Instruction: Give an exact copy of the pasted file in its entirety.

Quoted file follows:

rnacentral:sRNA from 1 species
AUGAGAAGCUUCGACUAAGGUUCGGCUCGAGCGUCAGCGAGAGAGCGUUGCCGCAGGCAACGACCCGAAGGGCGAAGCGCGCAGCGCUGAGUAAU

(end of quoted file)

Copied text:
rnacentral:sRNA from 1 species
AUGAGAAGCUUCGACUAAGGUUCGGCUCGAGCGUCAGCGAGAGAGCGUUGCCGCAGGCAACGACCCGAAGGGCGAAGCGCGCAGCGCUGAGUAAU